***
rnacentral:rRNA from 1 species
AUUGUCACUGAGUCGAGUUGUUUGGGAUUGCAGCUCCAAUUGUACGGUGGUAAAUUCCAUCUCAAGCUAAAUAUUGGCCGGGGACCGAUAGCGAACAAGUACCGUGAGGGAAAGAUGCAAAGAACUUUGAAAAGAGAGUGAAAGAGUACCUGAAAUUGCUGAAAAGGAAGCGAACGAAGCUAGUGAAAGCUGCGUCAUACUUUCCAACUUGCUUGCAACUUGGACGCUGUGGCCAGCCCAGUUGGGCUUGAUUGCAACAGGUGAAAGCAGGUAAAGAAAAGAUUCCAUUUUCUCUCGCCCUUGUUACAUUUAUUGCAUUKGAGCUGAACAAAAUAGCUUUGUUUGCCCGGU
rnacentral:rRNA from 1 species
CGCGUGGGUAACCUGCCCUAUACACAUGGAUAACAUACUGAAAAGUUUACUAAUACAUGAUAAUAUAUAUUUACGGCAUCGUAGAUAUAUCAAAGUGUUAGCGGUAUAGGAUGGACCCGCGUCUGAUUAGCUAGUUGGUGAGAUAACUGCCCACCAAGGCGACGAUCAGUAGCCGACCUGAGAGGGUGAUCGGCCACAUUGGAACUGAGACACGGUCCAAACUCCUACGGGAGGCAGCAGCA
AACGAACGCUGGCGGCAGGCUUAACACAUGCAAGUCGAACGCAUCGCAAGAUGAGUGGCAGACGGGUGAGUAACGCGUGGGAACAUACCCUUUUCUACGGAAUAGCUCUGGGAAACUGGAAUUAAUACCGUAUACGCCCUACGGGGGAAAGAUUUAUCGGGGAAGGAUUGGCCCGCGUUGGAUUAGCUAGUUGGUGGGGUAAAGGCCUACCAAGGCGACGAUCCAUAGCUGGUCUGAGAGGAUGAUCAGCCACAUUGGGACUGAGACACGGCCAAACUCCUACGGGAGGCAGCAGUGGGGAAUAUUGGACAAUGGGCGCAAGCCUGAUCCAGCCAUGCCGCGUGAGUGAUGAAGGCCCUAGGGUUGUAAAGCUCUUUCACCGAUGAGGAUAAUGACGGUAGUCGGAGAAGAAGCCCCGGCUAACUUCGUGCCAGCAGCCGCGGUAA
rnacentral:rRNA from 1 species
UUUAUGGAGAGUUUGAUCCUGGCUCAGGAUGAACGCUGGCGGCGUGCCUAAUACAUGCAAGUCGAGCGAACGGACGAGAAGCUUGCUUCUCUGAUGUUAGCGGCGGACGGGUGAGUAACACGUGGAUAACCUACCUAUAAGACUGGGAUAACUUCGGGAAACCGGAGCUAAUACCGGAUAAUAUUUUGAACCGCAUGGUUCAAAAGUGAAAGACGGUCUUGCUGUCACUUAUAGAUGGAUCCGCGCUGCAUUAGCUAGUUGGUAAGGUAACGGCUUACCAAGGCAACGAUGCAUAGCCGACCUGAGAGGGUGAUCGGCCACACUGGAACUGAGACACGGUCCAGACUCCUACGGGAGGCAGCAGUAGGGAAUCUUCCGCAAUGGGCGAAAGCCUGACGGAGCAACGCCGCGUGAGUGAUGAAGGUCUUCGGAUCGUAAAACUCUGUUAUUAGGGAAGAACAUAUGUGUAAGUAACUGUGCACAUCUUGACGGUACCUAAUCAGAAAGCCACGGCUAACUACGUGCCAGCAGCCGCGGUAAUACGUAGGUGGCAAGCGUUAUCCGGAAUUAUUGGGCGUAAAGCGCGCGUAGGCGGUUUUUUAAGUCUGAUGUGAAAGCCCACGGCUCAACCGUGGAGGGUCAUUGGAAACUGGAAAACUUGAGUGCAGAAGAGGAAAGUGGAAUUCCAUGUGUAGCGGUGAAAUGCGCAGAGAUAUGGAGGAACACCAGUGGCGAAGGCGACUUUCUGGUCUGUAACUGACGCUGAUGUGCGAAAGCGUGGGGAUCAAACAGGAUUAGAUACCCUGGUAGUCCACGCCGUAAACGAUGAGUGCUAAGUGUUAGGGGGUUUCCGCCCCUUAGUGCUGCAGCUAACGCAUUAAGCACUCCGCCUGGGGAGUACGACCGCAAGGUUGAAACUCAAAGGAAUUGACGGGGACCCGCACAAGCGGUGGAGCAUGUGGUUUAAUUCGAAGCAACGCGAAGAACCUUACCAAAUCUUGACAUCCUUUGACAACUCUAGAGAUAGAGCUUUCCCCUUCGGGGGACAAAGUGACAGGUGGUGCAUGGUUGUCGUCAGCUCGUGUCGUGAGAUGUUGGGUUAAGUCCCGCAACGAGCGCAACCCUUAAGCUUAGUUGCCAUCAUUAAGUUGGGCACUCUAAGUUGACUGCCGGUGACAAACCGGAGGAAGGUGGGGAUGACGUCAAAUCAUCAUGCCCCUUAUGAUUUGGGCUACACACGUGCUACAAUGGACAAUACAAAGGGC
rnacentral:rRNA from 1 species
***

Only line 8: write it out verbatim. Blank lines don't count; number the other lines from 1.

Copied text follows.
rnacentral:rRNA from 1 species